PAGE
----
A Child's Death in No-Man's Land
For a five-year old boy, there are few events in life that can bring such sublime flights of anticipation as Halloween. Yes, Christmas is up there, with the season’s lights and decorations and promise of long-wished-for presents. And birthdays, too, have their attractions. Along with the gifts comes the advantage of being an entire year older, and what five-year-old boy doesn’t dream of finally attaining the maturity and exalted status of a six-year-old.
Aaron Shannon Jr. won’t see his sixth birthday. On the afternoon of Halloween, as he counted down the minutes to nightfall and the adventure of trick-or-treating, he was shot and killed in his backyard. He was wearing his Spider-Man costume when he died.
Most parents fret over the hazards of Halloween: the strangers, the traffic, the effects of big sugar on little bellies. Few parents fret over the prospect of their child getting shot in the backyard. What kind of a place must it be where they do?
Such a place is the neighborhood around 84th Street and Central Avenue, in South Central Los Angeles, where Aaron lived and died.
A visitor to Los Angeles might arrive at LAX and drive east on Manchester Avenue for twenty minutes or so and then turn north on Central Avenue, where, miles in the distance straight ahead, he would see the gleaming steel and glass towers of downtown. On clear afternoons, as it was on Halloween, the setting sun reflects off those buildings to create a brilliant tableau, but the visitor would note that the scenery on either side of Central is far less spectacular: drab storefronts, modest apartment buildings, and a few neighborhood churches. The visitor wouldn’t detect any significant differences between the east side of the street and the west side.
But there is a huge difference, one that is well known to all who live and work in the area. Aaron lived on the west side of Central, in a neighborhood claimed by a particular street gang. Another street gang claims the territory to the east of Central, and when members of each gang cross that great divide into the other’s turf, they almost always do so in search of trouble.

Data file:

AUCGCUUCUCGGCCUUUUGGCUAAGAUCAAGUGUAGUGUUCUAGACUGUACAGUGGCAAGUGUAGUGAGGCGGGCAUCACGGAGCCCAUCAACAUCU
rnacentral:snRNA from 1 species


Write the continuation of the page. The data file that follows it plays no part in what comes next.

Police claim that on the afternoon of Oct. 31, two members of the gang from the east side of Central Avenue crossed that invisible boundary hoping to settle the score for an earlier shooting. They walked down the alley behind Aaron’s house looking for targets and, on seeing people in a backyard, one of them raised a pistol and opened fire. Aaron’s grandfather and uncle were struck in an arm and a leg, respectively, and survived. Aaron, little Spider-Man, was shot in the head and never had a chance. Police say no one in the family belonged to a gang.
If you don’t live in Los Angeles -- and perhaps even if you do -- chances are you hadn’t heard what happened to Aaron Shannon Jr. But no matter where you live, if you follow the news at all you’ve surely heard of Oscar Grant, the man shot and killed in Oakland, California, by a BART police officer in the early morning of January 1, 2009. Grant’s death sparked rioting in Oakland, as did the outcome of the prosecution of the officer who shot him. Johannes Mehserle was charged with murder but a jury convicted him of involuntary manslaughter and he was sentenced to two years in prison.
Both the verdict and the sentence were well within the law and entirely foreseeable, yet they nonetheless brought outraged cries from those quarters where such cries have come to be expected. And accompanying the outraged cries were the looting and vandalism which, alas, have also come to be expected.
On Nov. 5, the day Mehserle was sentenced, demonstrators gathered outside the Criminal Courts Building in downtown Los Angeles (the trial had been moved from Alameda County on a defense motion for a change of venue). Many held signs adorned with a simple message: “I am Oscar Grant.”
If you were to listen to those who protested on behalf of Oscar Grant, you might have the impression that the greatest threat to any black man in Oakland -- or Los Angeles or any city you choose -- is posed by racist cops itching for an excuse to gun him down. But about seven people are murdered each month in Oakland, nearly all of them young black men shot by other young black men. And yet as those bodies pile up no one marches, no one shouts, no one seems outraged in the least by the carnage.
On Nov. 6, a candlelight vigil was held at the LAPD’s 77th Street police station in memory of Aaron. Less than a hundred people attended, judging from the brief video report shown on the local news. There was no screaming, no hysterics, not even calls for vengeance against the two men accused of killing Aaron. And there most certainly was no mob rushing off to the nearest Foot Locker store to help themselves to the latest models from Nike. And if the two men accused of murdering Aaron somehow manage to beat the case or bargain for a reduced sentence, that too will be greeted not with outrage but rather with sad resignation.
I don’t begrudge Oscar Grant and his family the sympathy they’ve received. His death was indeed tragic and, whatever his faults, he left behind people who loved him. But of all those people demonstrating outside the L.A. courthouse in his name, I doubt a single one of them could have told you who Aaron Shannon Jr. was.
And that’s something to scream about.